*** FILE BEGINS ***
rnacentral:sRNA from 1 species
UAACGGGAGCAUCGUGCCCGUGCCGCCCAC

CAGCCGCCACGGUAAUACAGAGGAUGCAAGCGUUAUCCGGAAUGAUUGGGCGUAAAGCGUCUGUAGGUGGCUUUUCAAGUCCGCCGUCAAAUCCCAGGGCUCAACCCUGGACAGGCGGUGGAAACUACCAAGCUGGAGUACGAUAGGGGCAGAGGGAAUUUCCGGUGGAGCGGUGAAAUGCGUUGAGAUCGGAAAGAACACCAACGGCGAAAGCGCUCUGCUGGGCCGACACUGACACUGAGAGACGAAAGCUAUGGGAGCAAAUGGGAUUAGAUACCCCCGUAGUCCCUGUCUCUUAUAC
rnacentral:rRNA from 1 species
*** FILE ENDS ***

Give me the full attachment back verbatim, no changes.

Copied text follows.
rnacentral:sRNA from 1 species
UAACGGGAGCAUCGUGCCCGUGCCGCCCAC

CAGCCGCCACGGUAAUACAGAGGAUGCAAGCGUUAUCCGGAAUGAUUGGGCGUAAAGCGUCUGUAGGUGGCUUUUCAAGUCCGCCGUCAAAUCCCAGGGCUCAACCCUGGACAGGCGGUGGAAACUACCAAGCUGGAGUACGAUAGGGGCAGAGGGAAUUUCCGGUGGAGCGGUGAAAUGCGUUGAGAUCGGAAAGAACACCAACGGCGAAAGCGCUCUGCUGGGCCGACACUGACACUGAGAGACGAAAGCUAUGGGAGCAAAUGGGAUUAGAUACCCCCGUAGUCCCUGUCUCUUAUAC
rnacentral:rRNA from 1 species